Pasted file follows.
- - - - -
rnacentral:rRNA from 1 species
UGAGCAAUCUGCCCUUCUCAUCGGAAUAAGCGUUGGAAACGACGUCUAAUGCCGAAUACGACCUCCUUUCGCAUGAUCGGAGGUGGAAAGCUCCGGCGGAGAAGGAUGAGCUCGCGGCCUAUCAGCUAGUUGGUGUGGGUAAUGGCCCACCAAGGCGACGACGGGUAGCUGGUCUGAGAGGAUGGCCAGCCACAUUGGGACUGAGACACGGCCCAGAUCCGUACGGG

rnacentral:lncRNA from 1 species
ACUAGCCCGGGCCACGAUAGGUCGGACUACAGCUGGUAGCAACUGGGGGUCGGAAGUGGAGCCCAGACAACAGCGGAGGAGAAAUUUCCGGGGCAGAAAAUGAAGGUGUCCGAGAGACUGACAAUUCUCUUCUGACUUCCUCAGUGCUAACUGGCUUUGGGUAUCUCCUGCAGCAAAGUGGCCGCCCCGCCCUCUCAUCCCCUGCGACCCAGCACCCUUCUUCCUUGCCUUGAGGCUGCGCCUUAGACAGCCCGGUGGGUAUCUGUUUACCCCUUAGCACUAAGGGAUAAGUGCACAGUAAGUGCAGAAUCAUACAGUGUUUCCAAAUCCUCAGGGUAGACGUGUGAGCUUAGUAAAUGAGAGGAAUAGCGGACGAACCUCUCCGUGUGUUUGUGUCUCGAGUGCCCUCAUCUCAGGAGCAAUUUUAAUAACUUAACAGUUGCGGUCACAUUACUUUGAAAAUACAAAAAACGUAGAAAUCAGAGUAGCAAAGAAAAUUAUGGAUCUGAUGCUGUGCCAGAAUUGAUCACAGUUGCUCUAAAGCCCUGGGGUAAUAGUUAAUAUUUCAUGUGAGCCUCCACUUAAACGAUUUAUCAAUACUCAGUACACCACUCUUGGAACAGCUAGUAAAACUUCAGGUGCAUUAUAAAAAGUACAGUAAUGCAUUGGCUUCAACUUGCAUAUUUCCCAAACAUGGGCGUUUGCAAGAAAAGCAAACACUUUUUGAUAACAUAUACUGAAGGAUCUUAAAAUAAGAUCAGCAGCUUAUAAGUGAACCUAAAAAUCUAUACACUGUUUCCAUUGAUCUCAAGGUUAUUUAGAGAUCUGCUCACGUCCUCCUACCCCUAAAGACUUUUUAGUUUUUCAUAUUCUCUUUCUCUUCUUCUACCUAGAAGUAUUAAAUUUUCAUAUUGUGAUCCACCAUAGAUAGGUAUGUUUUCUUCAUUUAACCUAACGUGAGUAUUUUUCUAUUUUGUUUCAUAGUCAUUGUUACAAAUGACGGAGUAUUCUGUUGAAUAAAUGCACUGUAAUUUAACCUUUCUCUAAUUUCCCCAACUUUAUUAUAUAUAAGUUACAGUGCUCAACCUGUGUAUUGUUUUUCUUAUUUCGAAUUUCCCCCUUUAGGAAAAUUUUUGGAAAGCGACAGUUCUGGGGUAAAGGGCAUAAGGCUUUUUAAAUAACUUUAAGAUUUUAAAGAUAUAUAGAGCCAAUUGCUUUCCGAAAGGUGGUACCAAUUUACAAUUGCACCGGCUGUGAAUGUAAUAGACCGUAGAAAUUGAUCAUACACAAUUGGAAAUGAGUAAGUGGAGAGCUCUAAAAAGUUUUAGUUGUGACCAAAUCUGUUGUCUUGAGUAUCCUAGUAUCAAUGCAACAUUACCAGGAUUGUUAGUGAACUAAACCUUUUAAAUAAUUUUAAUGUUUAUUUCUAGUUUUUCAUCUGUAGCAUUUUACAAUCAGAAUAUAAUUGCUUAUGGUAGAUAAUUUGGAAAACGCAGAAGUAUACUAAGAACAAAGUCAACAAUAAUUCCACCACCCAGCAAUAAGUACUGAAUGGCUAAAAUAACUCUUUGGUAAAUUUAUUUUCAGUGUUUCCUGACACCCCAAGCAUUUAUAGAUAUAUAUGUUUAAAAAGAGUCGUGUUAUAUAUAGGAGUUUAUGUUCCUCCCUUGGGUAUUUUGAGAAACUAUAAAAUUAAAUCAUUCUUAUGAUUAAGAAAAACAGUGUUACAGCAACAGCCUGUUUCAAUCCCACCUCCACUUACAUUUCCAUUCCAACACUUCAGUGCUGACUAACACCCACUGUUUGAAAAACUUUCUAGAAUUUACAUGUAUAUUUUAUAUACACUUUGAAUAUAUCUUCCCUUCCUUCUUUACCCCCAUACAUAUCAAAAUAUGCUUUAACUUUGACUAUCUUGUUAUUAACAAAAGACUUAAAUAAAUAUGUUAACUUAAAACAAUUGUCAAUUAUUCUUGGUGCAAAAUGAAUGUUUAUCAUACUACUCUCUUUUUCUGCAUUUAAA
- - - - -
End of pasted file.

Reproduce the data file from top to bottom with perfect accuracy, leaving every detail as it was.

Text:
rnacentral:rRNA from 1 species
UGAGCAAUCUGCCCUUCUCAUCGGAAUAAGCGUUGGAAACGACGUCUAAUGCCGAAUACGACCUCCUUUCGCAUGAUCGGAGGUGGAAAGCUCCGGCGGAGAAGGAUGAGCUCGCGGCCUAUCAGCUAGUUGGUGUGGGUAAUGGCCCACCAAGGCGACGACGGGUAGCUGGUCUGAGAGGAUGGCCAGCCACAUUGGGACUGAGACACGGCCCAGAUCCGUACGGG

rnacentral:lncRNA from 1 species
ACUAGCCCGGGCCACGAUAGGUCGGACUACAGCUGGUAGCAACUGGGGGUCGGAAGUGGAGCCCAGACAACAGCGGAGGAGAAAUUUCCGGGGCAGAAAAUGAAGGUGUCCGAGAGACUGACAAUUCUCUUCUGACUUCCUCAGUGCUAACUGGCUUUGGGUAUCUCCUGCAGCAAAGUGGCCGCCCCGCCCUCUCAUCCCCUGCGACCCAGCACCCUUCUUCCUUGCCUUGAGGCUGCGCCUUAGACAGCCCGGUGGGUAUCUGUUUACCCCUUAGCACUAAGGGAUAAGUGCACAGUAAGUGCAGAAUCAUACAGUGUUUCCAAAUCCUCAGGGUAGACGUGUGAGCUUAGUAAAUGAGAGGAAUAGCGGACGAACCUCUCCGUGUGUUUGUGUCUCGAGUGCCCUCAUCUCAGGAGCAAUUUUAAUAACUUAACAGUUGCGGUCACAUUACUUUGAAAAUACAAAAAACGUAGAAAUCAGAGUAGCAAAGAAAAUUAUGGAUCUGAUGCUGUGCCAGAAUUGAUCACAGUUGCUCUAAAGCCCUGGGGUAAUAGUUAAUAUUUCAUGUGAGCCUCCACUUAAACGAUUUAUCAAUACUCAGUACACCACUCUUGGAACAGCUAGUAAAACUUCAGGUGCAUUAUAAAAAGUACAGUAAUGCAUUGGCUUCAACUUGCAUAUUUCCCAAACAUGGGCGUUUGCAAGAAAAGCAAACACUUUUUGAUAACAUAUACUGAAGGAUCUUAAAAUAAGAUCAGCAGCUUAUAAGUGAACCUAAAAAUCUAUACACUGUUUCCAUUGAUCUCAAGGUUAUUUAGAGAUCUGCUCACGUCCUCCUACCCCUAAAGACUUUUUAGUUUUUCAUAUUCUCUUUCUCUUCUUCUACCUAGAAGUAUUAAAUUUUCAUAUUGUGAUCCACCAUAGAUAGGUAUGUUUUCUUCAUUUAACCUAACGUGAGUAUUUUUCUAUUUUGUUUCAUAGUCAUUGUUACAAAUGACGGAGUAUUCUGUUGAAUAAAUGCACUGUAAUUUAACCUUUCUCUAAUUUCCCCAACUUUAUUAUAUAUAAGUUACAGUGCUCAACCUGUGUAUUGUUUUUCUUAUUUCGAAUUUCCCCCUUUAGGAAAAUUUUUGGAAAGCGACAGUUCUGGGGUAAAGGGCAUAAGGCUUUUUAAAUAACUUUAAGAUUUUAAAGAUAUAUAGAGCCAAUUGCUUUCCGAAAGGUGGUACCAAUUUACAAUUGCACCGGCUGUGAAUGUAAUAGACCGUAGAAAUUGAUCAUACACAAUUGGAAAUGAGUAAGUGGAGAGCUCUAAAAAGUUUUAGUUGUGACCAAAUCUGUUGUCUUGAGUAUCCUAGUAUCAAUGCAACAUUACCAGGAUUGUUAGUGAACUAAACCUUUUAAAUAAUUUUAAUGUUUAUUUCUAGUUUUUCAUCUGUAGCAUUUUACAAUCAGAAUAUAAUUGCUUAUGGUAGAUAAUUUGGAAAACGCAGAAGUAUACUAAGAACAAAGUCAACAAUAAUUCCACCACCCAGCAAUAAGUACUGAAUGGCUAAAAUAACUCUUUGGUAAAUUUAUUUUCAGUGUUUCCUGACACCCCAAGCAUUUAUAGAUAUAUAUGUUUAAAAAGAGUCGUGUUAUAUAUAGGAGUUUAUGUUCCUCCCUUGGGUAUUUUGAGAAACUAUAAAAUUAAAUCAUUCUUAUGAUUAAGAAAAACAGUGUUACAGCAACAGCCUGUUUCAAUCCCACCUCCACUUACAUUUCCAUUCCAACACUUCAGUGCUGACUAACACCCACUGUUUGAAAAACUUUCUAGAAUUUACAUGUAUAUUUUAUAUACACUUUGAAUAUAUCUUCCCUUCCUUCUUUACCCCCAUACAUAUCAAAAUAUGCUUUAACUUUGACUAUCUUGUUAUUAACAAAAGACUUAAAUAAAUAUGUUAACUUAAAACAAUUGUCAAUUAUUCUUGGUGCAAAAUGAAUGUUUAUCAUACUACUCUCUUUUUCUGCAUUUAAA